Vesa Vihriälä, 13 April 2018

The smooth functioning of the EMU requires risk sharing. This column, which joins VoxEU's Euro Area Reform debate, argues, however, that its best use is not in the support of fiscal expansion in recession countries, but in ensuring the liquidity of solvent sovereigns under market pressure. Giving the ESM/EMF access to central bank financing should be explored as a means to facilitate it.

Jochen Andritzky, Lars Feld, Christoph Schmidt, Isabel Schnabel, Volker Wieland, 21 July 2016

To make the no-bailout clause credible and to enhance the effectiveness of crisis assistance, private creditors should contribute to crisis resolution in the Eurozone. This column proposes a mechanism to allow for orderly restructuring of sovereign debt as part of ESM programmes. If debt exceeds certain thresholds, the mechanism triggers an immediate maturity extension. In a second stage, a deeper debt restructuring could follow, depending on the solvency of a country. The mechanism could be easily implemented by amending ESM guidelines. 

Jean-Marc Fournier, 26 May 2016

The limits of the European Single Market have often been highlighted. This column argues that although implicit barriers remain, the Single Market has delivered substantial benefits to member countries. New empirical evidence is presented of the trade and FDI gains that Central and Eastern European countries have enjoyed since joining the Single Market. On top of making regulations more competition-friendly, regulatory harmonisation can boost the economic links between countries.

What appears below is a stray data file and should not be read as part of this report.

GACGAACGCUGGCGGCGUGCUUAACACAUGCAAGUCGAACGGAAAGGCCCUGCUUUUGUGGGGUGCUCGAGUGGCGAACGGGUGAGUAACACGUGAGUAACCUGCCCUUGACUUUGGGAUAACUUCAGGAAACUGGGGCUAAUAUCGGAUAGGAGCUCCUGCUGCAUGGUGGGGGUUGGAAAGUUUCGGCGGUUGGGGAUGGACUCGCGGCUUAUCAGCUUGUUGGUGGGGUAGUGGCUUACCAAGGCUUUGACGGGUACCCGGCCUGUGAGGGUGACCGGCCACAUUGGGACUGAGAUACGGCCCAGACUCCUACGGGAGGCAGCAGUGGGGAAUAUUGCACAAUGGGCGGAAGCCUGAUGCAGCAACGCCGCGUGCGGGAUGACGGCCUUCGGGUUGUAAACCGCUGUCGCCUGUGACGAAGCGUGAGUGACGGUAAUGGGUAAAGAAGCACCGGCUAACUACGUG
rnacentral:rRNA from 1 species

Agnès Bénassy-Quéré, 08 April 2016

The euro is unique in that it is a currency without a sovereign. Since the crisis, there have been major developments towards making the Eurozone more resilient, including the banking union and the European Stability Mechanism (ESM). This column, originally published 12 February 2016, explores whether further normalisation is required to make the Eurozone function properly. It argues that the Eurozone, unlike existing federations, lacks the ability to deliver counter-cyclical fiscal policies while complying with fiscal discipline. Macroeconomic coordination will thus require rules, a strong and independent European Fiscal Board, and the strengthening of the ESM.

Lars Feld, Christoph Schmidt, Isabel Schnabel, Benjamin Weigert, Volker Wieland, 20 February 2015

Claims that ‘austerity has failed’ are popular, especially in the Anglo-Saxon world. This column argues that this narrative is factually wrong and ignores the reasons underlying the Greek crisis. The worst move for Greece would be to return to its old ways. Greece needs to realise that things could actually become much worse than they are now, particularly if membership in the Eurozone cannot be assured. Instead of looking back, Greece needs to continue building a functioning state and a functioning market economy.

Daniel Gros, 05 December 2010

Despite its large size relative to the small Irish economy, last weekend’s bailout is not working. Risk premiums continue to rise. This column argues that part of the problem lies in a seemingly innocuous provision in the rescue facility that is to replace the current European Financial Stability Facility in 2013. The argument is tricky, but the heart of the problem is the insistence that rescue financing be senior to private debt while simultaneously ruling out rescheduling of short-term debt.

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